The fourth of the new novels that I have called significant is Virginia Sorensen’s A Little Lower than the Angels. Sorensen’s excellent novel of life in Nauvoo exhibits several fundamental differences from its fellows. The growth of a society and the relationships of people, one with another, in this developing society, occupy her less than the age-old questions that are always new: on what terms a man and a woman may live together, what they can possess of life, and what life can do to their possession of each other. Although it would be misleading to say that the Mormon background and the events of Mormon history woven into the fabric of this novel are inessential to its development, it seems clear that Sorensen could have adapted her characters to, and worked out their problems in, another environment. Whipple’s characters, by contrast, are clearly the direct product of their time and environment; Abijah and Sheba and Clorinda MacIntyre, in the very stuff of their life, are inseparable from the Mormon frontier. We shall probably see more books of the general [p.11]type of A Little Lower than the Angels. I would guess, however, that such novels are likely to be important to Mormon fiction primarily for their contributions to technique.
Attention must be directed, finally, to the other novels that have appeared since 1939. Jean Woodman’s Glory Spent must be praised for the honesty of its intention, and Woodman remains the only writer who has had the courage or the insight to attempt a depiction of Mormon society as it is today. Unfortunately, Glory Spent is primarily an essay in ideas, and the novel, as a work of fiction, is something less than adequate. Glory Spent has, for this discussion, the importance that it has brought into the open Mormonism’s problems in a modern world; it relieves other authors of the responsibility of stating those problems for the record and imposes upon them the responsibility of creating from this matedhal a deep humanity, a richly felt life. There is no question of the need for a good novel of contemporary Mormonism, and Woodman must be commended for her discernment of the need, whatever is said of her book itself.
Comment was made earlier on a type of adventure novel that has appeared in the Mormon fiction. Paul Bailey’s For This My Glory is one of the more unfortunate efforts in this field; the novel is harnessed to various Mormon experiences of violent interests—the Missouri and Illinois persecutions, the march of the Mormon Battalion, the discover), of gold, the Utah War, the “polyg hunts”—and this flow of events, rather than the characters concerned, gives the book such interest as it commands. Elinor Pryor’s And Never Yield has certain points of similarity, but it is written in the tradition of Anthony Adverse, a now familiar kind of pageantry. Pryor’s book, once more to adopt the viewpoint of this discussion, is chiefly important because it makes further inroads upon Mormon history conceived as an epic. Nelson’s book, and Hoffman Birney’s Ann Carmeny, may here be regarded as primarily important because their bulk weighs in the possible exhaustion of the Mormon theme.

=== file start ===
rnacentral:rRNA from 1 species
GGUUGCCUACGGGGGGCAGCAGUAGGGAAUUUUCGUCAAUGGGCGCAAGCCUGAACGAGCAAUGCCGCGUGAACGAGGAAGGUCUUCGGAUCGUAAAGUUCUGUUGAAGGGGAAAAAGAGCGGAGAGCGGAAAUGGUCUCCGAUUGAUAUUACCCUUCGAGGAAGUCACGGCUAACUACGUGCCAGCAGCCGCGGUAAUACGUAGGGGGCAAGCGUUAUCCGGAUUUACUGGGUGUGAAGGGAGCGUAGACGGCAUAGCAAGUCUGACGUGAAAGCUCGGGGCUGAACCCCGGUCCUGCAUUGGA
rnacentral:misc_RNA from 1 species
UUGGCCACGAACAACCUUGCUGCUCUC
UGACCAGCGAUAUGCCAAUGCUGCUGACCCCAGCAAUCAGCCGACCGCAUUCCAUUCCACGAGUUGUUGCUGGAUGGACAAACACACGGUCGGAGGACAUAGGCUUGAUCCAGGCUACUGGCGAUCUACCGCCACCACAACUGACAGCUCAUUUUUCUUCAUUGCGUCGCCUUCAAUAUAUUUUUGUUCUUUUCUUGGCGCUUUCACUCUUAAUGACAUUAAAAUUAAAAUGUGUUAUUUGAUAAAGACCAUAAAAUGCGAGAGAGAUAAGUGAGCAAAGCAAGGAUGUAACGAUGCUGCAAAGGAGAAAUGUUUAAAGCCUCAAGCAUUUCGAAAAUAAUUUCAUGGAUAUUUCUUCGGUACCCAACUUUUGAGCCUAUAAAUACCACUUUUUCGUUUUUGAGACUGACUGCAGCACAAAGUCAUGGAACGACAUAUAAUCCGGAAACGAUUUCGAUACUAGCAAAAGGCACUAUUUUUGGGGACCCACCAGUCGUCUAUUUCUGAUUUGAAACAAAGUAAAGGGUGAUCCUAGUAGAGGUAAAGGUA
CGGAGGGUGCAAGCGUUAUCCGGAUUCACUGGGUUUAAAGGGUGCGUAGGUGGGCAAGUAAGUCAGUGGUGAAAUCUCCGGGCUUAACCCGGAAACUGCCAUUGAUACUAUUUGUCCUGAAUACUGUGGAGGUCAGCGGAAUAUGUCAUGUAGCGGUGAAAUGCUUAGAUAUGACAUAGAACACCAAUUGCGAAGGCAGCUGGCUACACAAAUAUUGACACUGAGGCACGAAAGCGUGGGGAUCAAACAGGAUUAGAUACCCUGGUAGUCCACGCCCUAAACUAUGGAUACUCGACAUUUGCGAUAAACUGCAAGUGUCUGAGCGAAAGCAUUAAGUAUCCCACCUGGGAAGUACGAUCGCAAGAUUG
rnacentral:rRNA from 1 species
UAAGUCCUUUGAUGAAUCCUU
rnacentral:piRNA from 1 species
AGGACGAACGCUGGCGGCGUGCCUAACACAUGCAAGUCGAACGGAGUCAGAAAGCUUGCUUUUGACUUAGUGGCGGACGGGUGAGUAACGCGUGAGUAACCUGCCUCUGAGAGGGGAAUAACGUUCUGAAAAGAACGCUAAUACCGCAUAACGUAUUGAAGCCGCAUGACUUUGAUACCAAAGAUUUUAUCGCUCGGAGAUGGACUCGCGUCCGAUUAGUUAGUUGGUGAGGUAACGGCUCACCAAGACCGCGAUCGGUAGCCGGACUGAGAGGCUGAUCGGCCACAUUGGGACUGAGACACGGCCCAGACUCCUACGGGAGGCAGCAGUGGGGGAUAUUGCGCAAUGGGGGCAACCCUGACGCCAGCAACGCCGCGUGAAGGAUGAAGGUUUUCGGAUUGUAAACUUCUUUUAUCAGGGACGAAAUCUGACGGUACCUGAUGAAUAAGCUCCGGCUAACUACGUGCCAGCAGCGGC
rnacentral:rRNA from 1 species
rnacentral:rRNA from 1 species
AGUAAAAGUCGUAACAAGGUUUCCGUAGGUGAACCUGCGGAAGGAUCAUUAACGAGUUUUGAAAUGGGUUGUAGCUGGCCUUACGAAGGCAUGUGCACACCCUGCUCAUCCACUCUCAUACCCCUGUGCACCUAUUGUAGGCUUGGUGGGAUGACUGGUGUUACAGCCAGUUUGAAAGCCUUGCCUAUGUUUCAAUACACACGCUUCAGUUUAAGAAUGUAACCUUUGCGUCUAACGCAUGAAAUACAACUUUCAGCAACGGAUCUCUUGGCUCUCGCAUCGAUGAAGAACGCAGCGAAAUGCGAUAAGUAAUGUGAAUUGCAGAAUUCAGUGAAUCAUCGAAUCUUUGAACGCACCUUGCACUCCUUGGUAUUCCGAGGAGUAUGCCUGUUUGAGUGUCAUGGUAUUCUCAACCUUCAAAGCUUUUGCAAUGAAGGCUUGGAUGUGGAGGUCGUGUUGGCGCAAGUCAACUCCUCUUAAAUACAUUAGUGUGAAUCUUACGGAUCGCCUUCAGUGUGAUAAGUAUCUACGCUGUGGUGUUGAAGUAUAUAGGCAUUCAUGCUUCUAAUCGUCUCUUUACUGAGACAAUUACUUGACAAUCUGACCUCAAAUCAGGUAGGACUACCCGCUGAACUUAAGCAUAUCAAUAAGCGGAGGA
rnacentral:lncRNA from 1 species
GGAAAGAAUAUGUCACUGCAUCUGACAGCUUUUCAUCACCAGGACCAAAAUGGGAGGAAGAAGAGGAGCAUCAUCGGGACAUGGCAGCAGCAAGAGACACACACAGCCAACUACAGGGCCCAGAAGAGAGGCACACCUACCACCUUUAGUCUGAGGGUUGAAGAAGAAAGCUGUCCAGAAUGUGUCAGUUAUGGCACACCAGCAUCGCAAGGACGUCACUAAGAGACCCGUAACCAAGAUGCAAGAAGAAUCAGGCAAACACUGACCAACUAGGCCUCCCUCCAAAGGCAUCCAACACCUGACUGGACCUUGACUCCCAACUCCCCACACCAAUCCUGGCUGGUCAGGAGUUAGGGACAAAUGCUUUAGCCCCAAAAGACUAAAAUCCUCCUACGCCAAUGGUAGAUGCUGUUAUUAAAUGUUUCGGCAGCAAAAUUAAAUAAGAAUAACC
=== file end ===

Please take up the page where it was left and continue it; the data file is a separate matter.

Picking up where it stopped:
The broad outlines of what has been accomplished with Mormon materials should be fairy clear. A long period in which novelists more or less neglected the Mormon story has ended with a series of novels which, with varying success, has attempted to translate this story into a fiction of integrity and depth. It will be observed that the ambition to write on the epic plane has forcefully influenced the majority of [p.12]these books. It is inevitable that the Mormon story should commend itself first of all as an epic, for it possesses historical continuity, spectacular violence, cross-grained social texture, and tragic content. Epics, however, feed voraciously upon their own being, and the measure of preoccupation with the Mormon theme that we have seen in the last three years establishes a probability that Mormon fiction will now be given over to writers less opportunistic and more serious in their purpose.
[p.12]1. An imaginary country in the novel Graustark (1901) by George B. McCutcheon, an American novelist; the term, though no longer used, by the 1940s meant an imaginary land of high romance or a highly romantic piece of writing.—Editors.